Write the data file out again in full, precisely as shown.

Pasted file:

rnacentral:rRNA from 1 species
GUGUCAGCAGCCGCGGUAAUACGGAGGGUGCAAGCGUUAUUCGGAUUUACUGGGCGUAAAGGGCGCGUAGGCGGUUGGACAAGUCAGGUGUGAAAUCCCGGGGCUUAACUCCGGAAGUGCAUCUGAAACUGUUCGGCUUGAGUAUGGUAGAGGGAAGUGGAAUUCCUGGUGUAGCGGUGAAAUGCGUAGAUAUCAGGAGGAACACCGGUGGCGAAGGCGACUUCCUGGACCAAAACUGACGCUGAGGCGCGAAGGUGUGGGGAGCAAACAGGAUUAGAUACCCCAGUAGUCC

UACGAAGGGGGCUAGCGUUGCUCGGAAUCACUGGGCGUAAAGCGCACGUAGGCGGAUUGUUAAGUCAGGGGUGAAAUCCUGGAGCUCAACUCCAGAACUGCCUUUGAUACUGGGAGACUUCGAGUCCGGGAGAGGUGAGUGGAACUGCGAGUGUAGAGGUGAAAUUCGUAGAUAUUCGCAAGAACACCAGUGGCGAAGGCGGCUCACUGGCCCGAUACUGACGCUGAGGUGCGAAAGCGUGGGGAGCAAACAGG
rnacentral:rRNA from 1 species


rnacentral:rRNA from 1 species
GUGUCAGCAGCCGCGGUAAUACGGAGGGUGCAAGCGUUAUUCGGAUUUACUGGGCGUAAAGGGCGCGUAGGCGGUUGGACAAGUCAGGUGUGAAAUCCCGGGGCUUAACUCCGGAAGUGCAUCUGAAACUGUUCGGCUUGAGUAUGGUAGAGGGAAGUGGAAUUCCUGGUGUAGCGGUGAAAUGCGUAGAUAUCAGGAGGAACACCGGUGGCGAAGGCGACUUCCUGGACCAAAACUGACGCUGAGGCGCGAAGGUGUGGGGAGCAAACAGGAUUAGAUACCCCAGUAGUCC

UACGAAGGGGGCUAGCGUUGCUCGGAAUCACUGGGCGUAAAGCGCACGUAGGCGGAUUGUUAAGUCAGGGGUGAAAUCCUGGAGCUCAACUCCAGAACUGCCUUUGAUACUGGGAGACUUCGAGUCCGGGAGAGGUGAGUGGAACUGCGAGUGUAGAGGUGAAAUUCGUAGAUAUUCGCAAGAACACCAGUGGCGAAGGCGGCUCACUGGCCCGAUACUGACGCUGAGGUGCGAAAGCGUGGGGAGCAAACAGG
rnacentral:rRNA from 1 species